Jax and Clay decide to wait out the situation and find a strategic way to unravel the white supremacists, but in the meantime, the rest of the club is dealing with the news of Gemma’s attack. Tig, in particular, played by Kim Coates with the right mixture of compassion and spinelessness, has gone slightly nuts with guilt ever since he killed Donna. A comforting hug between he and Gemma turns far too intimate, and he suddenly finds himself cheating with his best friend’s wife. In a daze, he confronts Opie and admits everything about Donna’s death. The weight of this secret has been pushing down on every episode this season, and to see the information so casually come to light is actually a relief. He also informs Opie that Agent Stahl, the ATF mastermind who planted the information that made Opie appear as a snitch in the first place, is really to blame for the whole ordeal.

Naturally, Opie (Ryan Hurst) goes after Stahl. This season, Ryan Hurst has emerged as one of the best actors on the show, next to Katey Sagal. With his wife’s death weighing down on him, he moves like a pillar of despair, his lonely, intense gaze like ice. Everyone in his presence seems affected by his nearly tangible agony, even Stahl (Ally Walker, in a far cry from her fragile housewife on “Tell Me You Love Me”), whose stone-cold independent woman shtick is put to the test when faced with the barrel of Opie’s gun. In a surprisingly intelligent move, however (Opie has appeared to be on the verge of killing someone all season), he spares her life. "The outlaw had mercy," he says. "You remember that the next time you try to twist the truth and kill an innocent."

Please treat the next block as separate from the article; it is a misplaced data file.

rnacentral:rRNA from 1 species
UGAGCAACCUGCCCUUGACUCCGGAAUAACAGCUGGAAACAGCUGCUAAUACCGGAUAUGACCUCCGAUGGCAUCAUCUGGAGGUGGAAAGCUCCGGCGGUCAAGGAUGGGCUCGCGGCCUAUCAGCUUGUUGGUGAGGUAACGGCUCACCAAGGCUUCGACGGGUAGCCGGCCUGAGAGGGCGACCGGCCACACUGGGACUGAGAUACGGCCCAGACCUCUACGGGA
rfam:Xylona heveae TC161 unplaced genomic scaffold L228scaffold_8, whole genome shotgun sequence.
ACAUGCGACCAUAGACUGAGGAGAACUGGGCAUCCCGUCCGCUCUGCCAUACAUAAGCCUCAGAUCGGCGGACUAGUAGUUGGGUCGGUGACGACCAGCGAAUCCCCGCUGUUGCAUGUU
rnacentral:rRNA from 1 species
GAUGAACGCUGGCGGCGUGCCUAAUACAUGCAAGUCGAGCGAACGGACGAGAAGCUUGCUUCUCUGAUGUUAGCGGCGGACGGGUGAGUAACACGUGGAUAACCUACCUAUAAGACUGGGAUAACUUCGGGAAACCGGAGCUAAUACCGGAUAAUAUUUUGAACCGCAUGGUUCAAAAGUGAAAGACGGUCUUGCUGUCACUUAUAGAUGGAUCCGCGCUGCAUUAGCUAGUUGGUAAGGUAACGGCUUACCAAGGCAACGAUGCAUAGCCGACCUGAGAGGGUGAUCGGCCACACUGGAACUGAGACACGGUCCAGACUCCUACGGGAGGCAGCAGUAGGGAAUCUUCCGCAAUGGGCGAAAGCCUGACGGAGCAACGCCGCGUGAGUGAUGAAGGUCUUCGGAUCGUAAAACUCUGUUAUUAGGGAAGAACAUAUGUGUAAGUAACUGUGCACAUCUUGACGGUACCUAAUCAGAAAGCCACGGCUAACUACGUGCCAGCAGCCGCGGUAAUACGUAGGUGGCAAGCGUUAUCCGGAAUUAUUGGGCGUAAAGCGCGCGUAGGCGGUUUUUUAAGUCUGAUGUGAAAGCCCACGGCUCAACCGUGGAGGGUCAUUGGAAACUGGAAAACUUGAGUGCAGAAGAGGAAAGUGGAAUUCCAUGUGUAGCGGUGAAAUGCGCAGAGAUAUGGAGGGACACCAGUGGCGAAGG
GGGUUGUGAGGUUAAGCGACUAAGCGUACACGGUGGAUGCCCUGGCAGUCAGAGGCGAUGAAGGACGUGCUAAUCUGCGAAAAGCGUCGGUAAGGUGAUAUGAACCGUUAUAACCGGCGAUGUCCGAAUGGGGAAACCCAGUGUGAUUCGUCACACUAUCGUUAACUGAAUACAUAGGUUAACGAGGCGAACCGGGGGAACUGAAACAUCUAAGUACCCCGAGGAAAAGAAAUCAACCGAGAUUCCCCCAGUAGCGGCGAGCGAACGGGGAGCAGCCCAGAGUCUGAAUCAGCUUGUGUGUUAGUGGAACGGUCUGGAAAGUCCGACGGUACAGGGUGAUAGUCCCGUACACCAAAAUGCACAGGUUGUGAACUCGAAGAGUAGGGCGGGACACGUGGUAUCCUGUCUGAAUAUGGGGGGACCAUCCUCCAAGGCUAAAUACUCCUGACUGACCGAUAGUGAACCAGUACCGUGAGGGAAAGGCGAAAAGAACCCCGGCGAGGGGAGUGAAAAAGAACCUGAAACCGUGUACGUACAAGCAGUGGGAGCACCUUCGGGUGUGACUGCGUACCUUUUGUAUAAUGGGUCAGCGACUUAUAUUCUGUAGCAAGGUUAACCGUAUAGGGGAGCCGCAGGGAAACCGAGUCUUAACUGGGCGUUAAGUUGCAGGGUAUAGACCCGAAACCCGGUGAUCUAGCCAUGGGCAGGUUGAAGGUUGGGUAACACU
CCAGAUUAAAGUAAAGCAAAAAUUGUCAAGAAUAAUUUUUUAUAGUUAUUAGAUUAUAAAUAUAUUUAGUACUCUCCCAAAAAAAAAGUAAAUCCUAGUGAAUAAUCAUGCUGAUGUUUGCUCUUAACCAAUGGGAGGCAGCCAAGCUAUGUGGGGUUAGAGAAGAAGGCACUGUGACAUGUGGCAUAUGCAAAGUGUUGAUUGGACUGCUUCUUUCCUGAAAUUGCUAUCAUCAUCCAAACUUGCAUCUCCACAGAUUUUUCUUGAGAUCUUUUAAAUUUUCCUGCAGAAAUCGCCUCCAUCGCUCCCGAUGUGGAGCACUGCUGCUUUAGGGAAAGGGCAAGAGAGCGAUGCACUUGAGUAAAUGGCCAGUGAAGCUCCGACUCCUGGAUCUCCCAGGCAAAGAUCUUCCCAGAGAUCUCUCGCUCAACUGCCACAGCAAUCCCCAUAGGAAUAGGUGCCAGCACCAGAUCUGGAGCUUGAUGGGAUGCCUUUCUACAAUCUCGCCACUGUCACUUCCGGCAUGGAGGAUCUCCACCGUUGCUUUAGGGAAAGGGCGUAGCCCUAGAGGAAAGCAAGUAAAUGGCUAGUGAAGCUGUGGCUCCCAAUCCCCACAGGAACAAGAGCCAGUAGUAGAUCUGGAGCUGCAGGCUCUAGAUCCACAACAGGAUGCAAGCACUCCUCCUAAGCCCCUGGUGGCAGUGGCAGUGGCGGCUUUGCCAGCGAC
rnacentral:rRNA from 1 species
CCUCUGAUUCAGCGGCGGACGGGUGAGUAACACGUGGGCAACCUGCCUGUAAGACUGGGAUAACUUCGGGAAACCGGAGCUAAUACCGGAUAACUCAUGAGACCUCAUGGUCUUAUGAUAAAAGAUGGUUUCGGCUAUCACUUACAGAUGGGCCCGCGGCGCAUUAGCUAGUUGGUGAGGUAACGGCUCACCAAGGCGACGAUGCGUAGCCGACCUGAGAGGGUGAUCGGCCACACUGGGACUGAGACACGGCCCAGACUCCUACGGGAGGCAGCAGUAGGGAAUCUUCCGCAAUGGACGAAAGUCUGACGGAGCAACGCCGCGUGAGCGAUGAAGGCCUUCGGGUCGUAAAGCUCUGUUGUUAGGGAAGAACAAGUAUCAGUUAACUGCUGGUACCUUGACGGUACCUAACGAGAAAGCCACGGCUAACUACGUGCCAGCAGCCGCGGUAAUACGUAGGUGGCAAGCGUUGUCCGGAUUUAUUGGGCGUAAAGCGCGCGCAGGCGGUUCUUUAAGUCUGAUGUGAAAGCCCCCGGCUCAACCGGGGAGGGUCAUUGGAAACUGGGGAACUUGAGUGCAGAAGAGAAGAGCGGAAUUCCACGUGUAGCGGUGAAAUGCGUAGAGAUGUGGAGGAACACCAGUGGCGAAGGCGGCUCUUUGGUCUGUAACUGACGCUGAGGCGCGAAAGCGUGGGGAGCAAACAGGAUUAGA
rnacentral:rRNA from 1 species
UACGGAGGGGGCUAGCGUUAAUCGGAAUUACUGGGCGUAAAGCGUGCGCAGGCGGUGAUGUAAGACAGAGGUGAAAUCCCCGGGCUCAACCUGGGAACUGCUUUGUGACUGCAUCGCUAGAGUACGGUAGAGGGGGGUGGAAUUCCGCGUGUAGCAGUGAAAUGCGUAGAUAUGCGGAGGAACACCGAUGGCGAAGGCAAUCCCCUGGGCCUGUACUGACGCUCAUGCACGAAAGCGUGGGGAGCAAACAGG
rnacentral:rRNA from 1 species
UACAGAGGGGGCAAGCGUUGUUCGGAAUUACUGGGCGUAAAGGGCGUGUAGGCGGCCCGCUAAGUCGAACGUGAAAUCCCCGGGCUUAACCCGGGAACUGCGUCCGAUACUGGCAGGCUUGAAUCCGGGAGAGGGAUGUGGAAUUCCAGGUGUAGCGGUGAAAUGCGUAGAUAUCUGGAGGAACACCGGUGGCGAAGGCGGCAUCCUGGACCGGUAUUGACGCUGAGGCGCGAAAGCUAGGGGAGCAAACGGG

All season, Jax has been on the outside of the club. He couldn’t talk to anyone about Donna’s death. He couldn’t talk to anyone about his father’s manifesto. And now that Opie knows the truth, and has emerged shockingly level-headed, Jax finally has a confidant. Although Opie wonders how he could possibly stay in SAMCRO with the killers of his wife, Jax convinces him to stay in order to get rid of Clay and make it the club they want it to be.

Of course, there are many other plot lines threading through the episode, and through the season, such as the level of commitment between Jax and his girlfriend Tara (Maggie Siff, formerly Don Draper’s flame on “Mad Men”), and club member Chibs’ past involvement with the IRA and the Irish gun pipeline. They are all compelling and necessary storylines that have woven together all season for what is sure to be an explosive finale (there’s one more episode to go before the grand ending). But what really makes this show is the profound performances, the complex relationships between the characters and the tough questions it asks about loyalty, family and the merits of violence. How ironic that this boiling pot of vice is called Charming.